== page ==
Question

Why do people (men and women both) in relationships typically want what they don’t have, and when they have it, they do not want it anymore? Is it the hunt? Is it the thrill of the kill? Is it the chase? Or is that just a person who does not know what they really want? I know that some people have commitment issues and are runners when they get into a relationship, but people fight so hard for something and then at the turn of a switch are willing to throw it all away. This makes no sense to me.

Answer

You’re right that it doesn’t make much sense when this happens. It’s terribly painful to be in a relationship you think is going somewhere and then someone disappears on you. While there are probably as many reasons as there are people, I’ve seen a few patterns over the years that might explain why people sabotage what they say they want. And please recognize that even though there might be explanations, it still doesn’t make it any easier to suddenly lose a relationship.

One pattern I’ve observed over my career involves distorted expectations about how relationships work. We don’t have many healthy examples of long-term stable relationships in our media saturated culture. Most of the relationship stories told in movies, songs, and books focus on starting the relationship but fail to model how to keep a relationship going. In other words, they show the easy part that doesn’t require much from us.

New relationships are full of excitement, novelty, and infatuation. These qualities run on autopilot without much input from ourselves. In fact, it mostly requires us to temper our reactions. There’s nothing wrong with infatuation in the early stages of courtship. It’s essential for the formation of an attachment bond, but it eventually serves its purpose and gives way to more stable forms of love and commitment. Infatuation is a terrible substitute for the long-term qualities of commitment, sacrifice, compassion, and understanding.

For some people, once the newness of the relationship wears off, it’s tempting to seek out a new relationship thinking that something must be wrong if it doesn’t feel amazing all the time. Remember that intensity is not the same as intimacy. I realize that stories about long-term commitment and sacrifice don’t make very good Hollywood blockbusters. However, I think that only showing panicked lovers chasing departing taxis in the rain doesn’t give us a good sense of what real love and commitment looks like.

Some people also have commitment issues because of previous relationship losses, such as betrayal, abuse, and other traumas. These are serious and real issues that keep injured people cautious about forming and maintaining new bonds. If you or someone you love has been deeply injured in a previous relationship, seek the help you need to heal those wounds, so you don’t drag those fears into the next relationship. I once heard someone say that we can’t start a new relationship until we finish the old ones.

Many of us have been hurt in family and romantic relationship, yet we’re hard-wired for connection. If you’re dating someone and they suddenly disappear on you without explanation, see if you can re-engage them to understand what happened. If they avoid the discussion and won’t work toward resolving their hesitations, it’s probably best to let them go. Commitment is a two-way street and can’t work if one person is doing all the reaching. Healthy relationships are comprised of two people who are actively working to care for the comfort and well-being of the other person.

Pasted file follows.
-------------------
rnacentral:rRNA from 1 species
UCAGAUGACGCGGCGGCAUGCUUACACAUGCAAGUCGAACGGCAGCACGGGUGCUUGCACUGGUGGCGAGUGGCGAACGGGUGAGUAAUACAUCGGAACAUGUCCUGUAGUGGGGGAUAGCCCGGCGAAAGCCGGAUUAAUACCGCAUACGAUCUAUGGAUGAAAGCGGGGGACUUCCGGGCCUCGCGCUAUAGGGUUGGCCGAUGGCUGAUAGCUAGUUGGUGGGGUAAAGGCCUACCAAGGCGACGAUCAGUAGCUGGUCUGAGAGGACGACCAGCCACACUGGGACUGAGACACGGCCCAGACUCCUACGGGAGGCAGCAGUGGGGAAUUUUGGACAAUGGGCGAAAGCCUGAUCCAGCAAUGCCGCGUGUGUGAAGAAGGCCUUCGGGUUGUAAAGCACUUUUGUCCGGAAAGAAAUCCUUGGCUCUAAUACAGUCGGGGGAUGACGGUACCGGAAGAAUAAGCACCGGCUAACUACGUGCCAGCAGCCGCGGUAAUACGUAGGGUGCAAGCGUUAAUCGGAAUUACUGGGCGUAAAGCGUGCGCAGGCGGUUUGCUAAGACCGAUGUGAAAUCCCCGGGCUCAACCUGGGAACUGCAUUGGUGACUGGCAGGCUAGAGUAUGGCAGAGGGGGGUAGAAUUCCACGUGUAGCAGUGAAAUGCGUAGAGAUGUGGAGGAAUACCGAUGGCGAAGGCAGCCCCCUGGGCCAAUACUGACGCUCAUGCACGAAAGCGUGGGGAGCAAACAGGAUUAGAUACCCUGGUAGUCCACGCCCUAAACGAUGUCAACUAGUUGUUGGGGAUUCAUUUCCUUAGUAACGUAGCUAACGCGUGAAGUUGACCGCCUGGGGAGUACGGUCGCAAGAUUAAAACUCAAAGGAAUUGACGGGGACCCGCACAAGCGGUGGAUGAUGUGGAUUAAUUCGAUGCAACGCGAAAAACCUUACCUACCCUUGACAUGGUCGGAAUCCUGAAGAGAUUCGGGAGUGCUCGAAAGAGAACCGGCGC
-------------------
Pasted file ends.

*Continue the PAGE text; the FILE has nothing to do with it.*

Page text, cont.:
I hear your frustration and worry about people who can’t commit. Instead of trying to answer that question in the abstract, I encourage you to make sure you don’t have these commitment issues in your own life. Be the person who can commit and build connection. Then, take that committed heart and see if you can build a relationship with someone else. You care about commitment, and I invite you to act on it. Someone out there needs your committed heart, for sure.

 

Geoff will answer a new family and relationship question every Friday. You can email your question to him at [email protected]  

Download Geoff’s FREE guide to help you quickly end arguments with your spouse: https://www.geoffsteurer.com/3-steps-to-end-your-marriage-argument

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About the Author

Geoff Steurer is a licensed marriage and family therapist in private practice in St. George, Utah. He is the co-author of “Love You, Hate the Porn: Healing a Relationship Damaged by Virtual Infidelity”, host of the podcast, “From Crisis to Connection”, and creates online relationship courses. He earned degrees from Brigham Young University and Auburn University. He is married to Jody Young Steurer and they are the parents of four children.

The advice offered through Geoff Steurer’s column is educational and informational in nature and is provided only as general information. It is not meant to establish a therapist-patient relationship or offer therapeutic advice, opinion, diagnosis treatment or to establish a standard of care. Although Geoff Steurer is a trained psychotherapist, he is not functioning in the role of a licensed therapist by writing this column, but rather using his training to inform these responses. Thus, the content is not intended to replace independent professional judgment. The content is not intended to solicit clients and should not be relied upon as medical or psychological advice of any kind or nature whatsoever. The information provided through this content should not be used for diagnosing or treating a mental health problem or disease. The information contained in these communications is not comprehensive and does not include all the potential information regarding the subject matter, but is merely intended to serve as one resource for general and educational purposes.